Gene now decides that Finny must be his deadly rival, and that his playful roommate plans a deliberate plot to undermine the studying that Gene requires to become the best student in the school. But to keep this dark insight secret, Gene continues to go along on Finny's outings, including the nightly meetings of the Suicide Society, until one evening when Finny asks him to come to see Leper finally jump from the tree. Sullenly, Gene agrees to go, but he tells Finny angrily that it will ruin his chances for a good grade in French. Astonished that his friend must work to succeed at school, Finny tells Gene that he should stay and study, if he needs the time.

Finny's reaction, in its innocence and simplicity, overwhelms Gene, because he recognizes that Finny regards excellence in academics as a natural ability, just like his own agility and strength in sports. Finny does not mean to be his rival, Gene realizes, but is, instead, beyond the pettiness of rivalry.

And so, in Gene's view, Finny proves himself to be the better person. Paradoxically, by not playing the game of rivalry, Finny wins — or so it seems to Gene. This bitter knowledge goads Gene, and provokes him finally to violence against his friend.

The conclusion of the chapter, in which Finny falls from the tree, forms the dramatic center of the novel, because it expresses the truth of the boys' relationship — especially Gene's deepest feelings about Finny. While Finny helps Gene instinctively, in a moment too quick for thought, Gene, standing literally in the same place, hurts Finny grievously, in a response to a comparable, unconscious instinct. As Gene and Finny stand together on the limb, the scene recalls their earlier double jump, when Finny's quick action saves Gene from falling. But this time the boys' positions are reversed — Finny stands far out on the branch, while Gene stays safely near the trunk — and now Gene's knees bend (or so he remembers it), and he jounces the limb. Startled, off-balance, Finny falls heavily to the bank.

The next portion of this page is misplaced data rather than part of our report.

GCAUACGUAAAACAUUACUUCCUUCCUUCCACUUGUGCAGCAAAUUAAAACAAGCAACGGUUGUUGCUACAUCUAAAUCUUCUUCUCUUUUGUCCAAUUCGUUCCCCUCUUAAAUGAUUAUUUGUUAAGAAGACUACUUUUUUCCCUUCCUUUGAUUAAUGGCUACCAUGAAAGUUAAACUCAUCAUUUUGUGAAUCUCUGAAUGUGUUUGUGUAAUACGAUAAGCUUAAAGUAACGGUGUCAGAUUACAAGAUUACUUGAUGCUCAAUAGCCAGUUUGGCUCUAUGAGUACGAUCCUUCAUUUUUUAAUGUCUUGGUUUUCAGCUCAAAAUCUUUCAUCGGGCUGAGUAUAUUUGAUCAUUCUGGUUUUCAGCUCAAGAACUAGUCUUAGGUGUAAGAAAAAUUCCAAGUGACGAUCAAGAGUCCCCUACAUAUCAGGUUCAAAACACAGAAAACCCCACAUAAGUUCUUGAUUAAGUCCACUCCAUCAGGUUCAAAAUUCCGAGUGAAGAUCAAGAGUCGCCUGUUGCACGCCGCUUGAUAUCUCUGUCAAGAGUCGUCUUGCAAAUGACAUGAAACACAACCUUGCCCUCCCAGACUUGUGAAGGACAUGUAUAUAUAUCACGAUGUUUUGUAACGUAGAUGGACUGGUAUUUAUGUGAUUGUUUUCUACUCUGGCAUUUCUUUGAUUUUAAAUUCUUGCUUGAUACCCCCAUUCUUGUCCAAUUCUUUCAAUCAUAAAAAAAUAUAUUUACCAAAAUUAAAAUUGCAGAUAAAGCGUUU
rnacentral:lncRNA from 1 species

Fatefully, Gene's conflicted feelings find expression in a moment's gesture that destroys Finny's life. Temporarily relieved of his anger and jealousy, Gene jumps from the tree with confidence for the first time. The destruction of his deadly rival, it seems, liberates Gene to behave as Finny does — freely, easily, with unconscious grace.

This re-playing — yet reversal — of the earlier scene (from Chapter 2) makes clear the essential difference between the two boys. The tree reveals each boy's inner nature, and thus shows Gene the real difference between Finny and himself. This bitter knowledge, even more than the memory of Finny's injury, later makes the tree a "fearful site" for Gene.


aide-memoire (French) a memorandum of a discussion, proposed agreement, etc. Here, Knowles uses the term comically.

Mahatma Gandhi (1869-1948) Mohandas Karamchand Gandhi, Hindu nationalist leader and social reformer, assassinated; called Mahatma. The term describes any of a class of wise and holy persons held in special regard or reverence. Here, Gene jokes that if Leper can find the courage to jump from the tree, than Gene is as holy as the Indian leader.

Ne Plus Ultra (Latin) the ultimate; especially the finest, best, most perfect, etc. Here the term refers to an academic award Gene hopes to win at graduation.

Lazarus the brother of Mary and Martha, raised from the dead by Jesus. Here, Finny awakening on the beach reminds Gene of Lazarus miraculously coming to life again.